A good per­for­mance but some prob­lems seem con­stant

Kathimerini English - - Front Page - BY ELIAS MAGLINIS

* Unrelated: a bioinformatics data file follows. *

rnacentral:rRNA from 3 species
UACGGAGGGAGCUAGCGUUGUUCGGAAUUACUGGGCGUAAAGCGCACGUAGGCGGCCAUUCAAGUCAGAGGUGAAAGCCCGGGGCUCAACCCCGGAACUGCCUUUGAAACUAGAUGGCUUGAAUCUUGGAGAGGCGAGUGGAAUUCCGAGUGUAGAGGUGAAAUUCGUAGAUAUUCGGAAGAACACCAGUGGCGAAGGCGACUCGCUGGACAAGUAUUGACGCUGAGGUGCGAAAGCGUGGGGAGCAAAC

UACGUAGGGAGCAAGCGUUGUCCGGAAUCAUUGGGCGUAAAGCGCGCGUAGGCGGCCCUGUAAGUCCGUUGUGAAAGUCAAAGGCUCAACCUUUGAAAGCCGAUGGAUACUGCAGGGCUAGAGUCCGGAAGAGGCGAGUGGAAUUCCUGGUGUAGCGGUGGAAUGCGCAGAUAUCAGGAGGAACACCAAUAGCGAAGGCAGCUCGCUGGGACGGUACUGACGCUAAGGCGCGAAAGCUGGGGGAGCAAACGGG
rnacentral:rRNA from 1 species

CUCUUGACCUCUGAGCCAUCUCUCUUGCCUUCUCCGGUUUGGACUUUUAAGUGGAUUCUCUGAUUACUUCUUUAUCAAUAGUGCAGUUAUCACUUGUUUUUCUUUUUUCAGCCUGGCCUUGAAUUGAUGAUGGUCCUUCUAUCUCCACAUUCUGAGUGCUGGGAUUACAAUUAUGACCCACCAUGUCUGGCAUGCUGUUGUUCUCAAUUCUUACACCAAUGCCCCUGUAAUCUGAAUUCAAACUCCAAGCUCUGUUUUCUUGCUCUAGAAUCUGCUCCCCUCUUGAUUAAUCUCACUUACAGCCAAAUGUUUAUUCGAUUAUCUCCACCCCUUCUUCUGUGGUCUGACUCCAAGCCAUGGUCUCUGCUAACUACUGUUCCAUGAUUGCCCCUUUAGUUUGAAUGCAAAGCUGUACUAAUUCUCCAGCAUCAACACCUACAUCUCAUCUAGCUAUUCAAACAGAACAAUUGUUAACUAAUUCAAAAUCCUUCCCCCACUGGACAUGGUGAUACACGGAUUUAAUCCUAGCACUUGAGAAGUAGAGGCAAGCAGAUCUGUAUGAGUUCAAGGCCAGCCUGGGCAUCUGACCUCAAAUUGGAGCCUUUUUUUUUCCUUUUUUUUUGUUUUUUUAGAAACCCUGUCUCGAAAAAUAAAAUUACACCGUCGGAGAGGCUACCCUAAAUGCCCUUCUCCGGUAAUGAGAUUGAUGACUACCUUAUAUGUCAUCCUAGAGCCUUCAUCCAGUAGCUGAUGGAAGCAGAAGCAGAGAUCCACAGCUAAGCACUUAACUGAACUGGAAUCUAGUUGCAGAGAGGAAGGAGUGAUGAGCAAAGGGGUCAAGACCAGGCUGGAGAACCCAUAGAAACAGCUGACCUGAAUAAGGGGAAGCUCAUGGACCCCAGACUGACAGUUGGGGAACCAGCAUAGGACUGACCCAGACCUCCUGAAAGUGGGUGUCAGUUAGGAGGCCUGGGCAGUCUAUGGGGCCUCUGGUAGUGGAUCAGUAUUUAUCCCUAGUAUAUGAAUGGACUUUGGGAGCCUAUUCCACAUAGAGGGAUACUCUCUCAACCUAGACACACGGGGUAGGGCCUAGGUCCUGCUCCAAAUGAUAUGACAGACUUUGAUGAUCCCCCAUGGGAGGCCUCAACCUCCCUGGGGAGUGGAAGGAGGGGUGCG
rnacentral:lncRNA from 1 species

A re­cent re­port pub­lished by the Good Coun­try In­dex (GCI) shows Greece rank­ing 32nd out of a to­tal of 163 coun­tries. The GCI project was founded by in­de­pen­dent po­lit­i­cal an­a­lyst Simon An­holt with the sup­port of in­ter­na­tional or­ga­ni­za­tions and is based on data pro­vided by the United Na­tions and the World Bank. While the project’s ti­tle could be in­ter­preted as a ref­er­ence to a moral­ity cri­sis, this couldn’t be fur­ther away from what the GCI has set out to do. The project’s prin­ci­pal cri­te­rion is to what ex­tent a state presents a pos­i­tive con­tri­bu­tion to the global com­mu­nity and the hu­man race through its poli­cies and be­hav­ior, based on its pop­u­la­tion and its GDP, as well as through the prism of the fol­low­ing cat­e­gories: Sci­ence and tech­nol­ogy, cul­ture, world peace and se­cu­rity, world or­der, planet and cli­mate, pros­per­ity and equal­ity, and health and well-be­ing. Ac­cord­ing to its founder, a good coun­try is one that makes a real con­tri­bu­tion to hu­man­ity while serv­ing its own in­ter­ests and never go­ing against those of other na­tions or their nat­u­ral re­sources. This, says An­holt, is the new law of hu­man sur­vival. The project’s most re­cent re­search shows Swe­den earn­ing the top spot and Libya the last. Cyprus stands at No 15. Fol­low­ing Swe­den, the top 10 list show­cases Den­mark, the Nether­lands, Bri­tain, Switzer­land, Ger­many, Fin­land, France, Aus­tria and Canada. The United States ranks 20th (for more, visit www.good­coun­try.org). Greece’s per­for­mance is not bad at all con­sid­er­ing the coun­try’s tough eco­nomic po­si­tion and the broad sense of de­spair felt by its peo­ple, with the most se­ri­ous con­se­quence be­ing the so-called “brain drain,” the mas­sive out­flow of its most cre­ative peo­ple, as re­ported in yes­ter­day’s Kathimerini. Re­ports such as the one pub­lished by the GCI act as a re­minder that de­spite a gen­er­al­ized sense of fail­ure, to­day’s bankrupt Greece, with all its en­rag­ing malaises, has ac­com­plished quite a bit over the last decades. One thing should be pointed out, how­ever: the “brain drain” ex­isted well be­fore the ar­rival of the cri­sis. Per­haps it was not ev­i­dent to such a dra­matic de­gree but young peo­ple have al­ways gone abroad in search of a brighter fu­ture – and this has been one of the most se­ri­ous fail­ures of post-dic­ta­tor­ship Greece. The rea­sons for this in­cludes low-qual­ity ed­u­ca­tion, a lack of mer­i­toc­racy, cor­rup­tion and the state’s hos­tile stance vis-a-vis en­trepreneur­ship and sci­en­tific re­search, among so many oth­ers. Even if, mirac­u­lously, the fi­nan­cial cri­sis was to be re­solved, the afore­men­tioned malaises would still linger on. A se­ri­ous, fu­ture gov­ern­ment would also be judged for its man­age­ment of these is­sues, which have been plagu­ing the coun­try for decades.

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